A number of important mortgage rates trended lower today. 15-year fixed and 30-year fixed mortgage rates both sank. The average rate of the most common type of variable-rate mortgage, the 5/1 adjustable-rate mortgage, also dropped. Mortgage interest rates are never set in stone, but interest rates are the lowest they’ve been in years. If you plan to finance a house, now might be a great time to lock in a fixed rate. But as always, make sure to first take into account your personal goals and circumstances before buying a house, and talk to multiple lenders to find a lender who can best meet your needs.
Compare countrywide mortgage rates from various lenders
30-year fixed-rate mortgages
For a 30-year, fixed-rate mortgage, the average rate you’ll pay is 3.20%, which is a decrease of 1 basis point as seven days ago. (A basis point is equivalent to 0.01%.) 30-year fixed mortgages are the most frequently used loan term. A 30-year fixed rate mortgage will usually have a smaller monthly payment than a 15-year one — but usually a higher interest rate. Although you’ll pay more interest over time — you’re paying off your loan over a longer timeframe — if you’re looking for a lower monthly payment, a 30-year fixed mortgage may be a good option.
15-year fixed-rate mortgages
The average rate for a 15-year, fixed mortgage is 2.46%, which is a decrease of 4 basis points from seven days ago. You’ll definitely have a higher monthly payment with a 15-year fixed mortgage compared to a 30-year fixed mortgage, even if the interest rate and loan amount are the same. However, if you can afford the monthly payments, there are several benefits to a 15-year loan. These include typically being able to get a lower interest rate, paying off your mortgage sooner, and paying less total interest in the long run.
5/1 adjustable-rate mortgages
A 5/1 ARM has an average rate of 3.23%, a downtick of 2 basis points from the same time last week. You’ll usually get a lower interest rate (compared to a 30-year fixed mortgage) with a 5/1 ARM in the first five years of the mortgage. But you might end up paying more after that time, depending on the terms of your loan and how the rate adjusts with the market rate. Because of this, an ARM might be a good option if you plan to sell or refinance your house before the rate changes. Otherwise, shifts in the market means your interest rate might be a good deal higher once the rate adjusts.
Mortgage rate trends
We use information collected by Bankrate, which is owned by the same parent company as CNET, to track daily mortgage rate trends. This table summarizes the average rates offered by lenders across the US:
Average mortgage interest rates
|30-year jumbo mortgage rate||3.05%||2.99%||+0.06|
|30-year mortgage refinance rate||3.25%||3.30%||-0.05|
Rates as of March 12, 2021.
How to shop for the best mortgage rate
You can get a personalized mortgage rate by reaching out to your local mortgage broker or using an online calculator. Make sure to take into account your current financial situation and your goals when searching for a mortgage. Specific mortgage rates will vary based on factors including your credit score, down payment, debt-to-income ratio and loan-to-value ratio. Generally, you want a good credit score, a larger down payment, a lower DTI and a lower LTV to get a lower interest rate. Besides the mortgage interest rate, additional costs including closing costs, fees, discount points and taxes might also factor into the cost of your house. You should speak with multiple lenders — such as local and national banks, credit unions and online lenders — and comparison shop to find the best loan for you.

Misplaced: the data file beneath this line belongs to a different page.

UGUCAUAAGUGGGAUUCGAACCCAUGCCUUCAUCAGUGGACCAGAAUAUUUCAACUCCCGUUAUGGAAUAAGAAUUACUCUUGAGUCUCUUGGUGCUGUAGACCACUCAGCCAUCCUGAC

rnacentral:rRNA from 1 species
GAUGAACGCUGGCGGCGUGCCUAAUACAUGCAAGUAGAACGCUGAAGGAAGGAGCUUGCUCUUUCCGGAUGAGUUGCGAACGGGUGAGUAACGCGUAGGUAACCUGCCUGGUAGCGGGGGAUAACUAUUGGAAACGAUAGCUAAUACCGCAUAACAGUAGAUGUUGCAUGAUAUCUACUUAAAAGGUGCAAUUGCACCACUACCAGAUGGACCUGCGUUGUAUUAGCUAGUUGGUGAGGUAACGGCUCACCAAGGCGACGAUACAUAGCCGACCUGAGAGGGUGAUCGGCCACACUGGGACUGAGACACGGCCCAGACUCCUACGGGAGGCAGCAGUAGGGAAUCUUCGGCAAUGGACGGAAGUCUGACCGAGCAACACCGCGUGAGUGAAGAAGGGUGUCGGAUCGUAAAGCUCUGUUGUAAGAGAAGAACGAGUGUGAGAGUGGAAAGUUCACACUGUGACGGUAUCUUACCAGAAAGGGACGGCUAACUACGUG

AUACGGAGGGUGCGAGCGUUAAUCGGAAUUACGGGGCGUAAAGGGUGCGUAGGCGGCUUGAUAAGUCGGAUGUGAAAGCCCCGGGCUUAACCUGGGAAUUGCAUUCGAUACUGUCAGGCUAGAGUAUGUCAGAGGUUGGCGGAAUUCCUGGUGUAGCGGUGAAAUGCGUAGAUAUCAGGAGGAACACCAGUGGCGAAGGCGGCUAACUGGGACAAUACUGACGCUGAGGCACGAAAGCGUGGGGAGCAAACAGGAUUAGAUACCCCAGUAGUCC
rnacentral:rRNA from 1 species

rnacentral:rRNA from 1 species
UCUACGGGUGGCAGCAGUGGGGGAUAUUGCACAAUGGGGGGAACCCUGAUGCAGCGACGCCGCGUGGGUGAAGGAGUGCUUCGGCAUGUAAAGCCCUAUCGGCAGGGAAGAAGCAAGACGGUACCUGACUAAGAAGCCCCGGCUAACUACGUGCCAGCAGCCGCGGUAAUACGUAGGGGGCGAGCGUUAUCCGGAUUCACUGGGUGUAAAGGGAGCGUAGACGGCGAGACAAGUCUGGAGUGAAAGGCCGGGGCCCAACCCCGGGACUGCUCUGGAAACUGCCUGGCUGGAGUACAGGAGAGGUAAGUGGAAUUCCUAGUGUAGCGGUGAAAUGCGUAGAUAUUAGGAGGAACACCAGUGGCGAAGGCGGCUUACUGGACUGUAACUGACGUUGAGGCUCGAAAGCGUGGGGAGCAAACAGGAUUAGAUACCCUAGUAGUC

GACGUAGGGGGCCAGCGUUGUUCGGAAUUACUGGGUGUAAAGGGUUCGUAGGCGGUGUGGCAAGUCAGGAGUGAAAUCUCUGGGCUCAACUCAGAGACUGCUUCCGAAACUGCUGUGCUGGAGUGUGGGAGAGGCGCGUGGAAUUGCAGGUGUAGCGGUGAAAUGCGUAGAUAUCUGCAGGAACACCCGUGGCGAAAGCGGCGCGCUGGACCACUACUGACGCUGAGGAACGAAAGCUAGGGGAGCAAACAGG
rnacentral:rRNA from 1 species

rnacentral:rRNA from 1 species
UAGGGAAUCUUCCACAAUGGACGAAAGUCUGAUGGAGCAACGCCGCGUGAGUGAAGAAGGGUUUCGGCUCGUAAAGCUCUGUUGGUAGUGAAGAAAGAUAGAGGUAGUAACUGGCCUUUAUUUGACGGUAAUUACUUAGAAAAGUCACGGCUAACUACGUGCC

How does the loan term impact my mortgage?
When picking a mortgage, you should consider the loan term, or payment schedule. The most common mortgage terms are 15 years and 30 years, although 10-, 20- and 40-year mortgages also exist. Mortgages are further divided into fixed-rate and adjustable-rate mortgages. The interest rates in a fixed-rate mortgage are stable for the duration of the loan. For adjustable-rate mortgages, interest rates are stable for a certain number of years (typically five, seven or 10 years), then the rate changes annually based on the market rate.
One factor to take into consideration when choosing between a fixed-rate and adjustable-rate mortgage is how long you plan on living in your home. If you plan on staying long-term in your new house, fixed-rate mortgages may be the better option. While adjustable-rate mortgages can sometimes offer lower interest rates upfront, fixed-rate mortgages are more stable in the long term. However you might get a better deal with an adjustable-rate mortgage if you only intend to keep your house for a couple years. The “best” loan term all is entirely dependent on your personal situation and goals, so be sure to take into consideration what’s important to you when choosing a mortgage.
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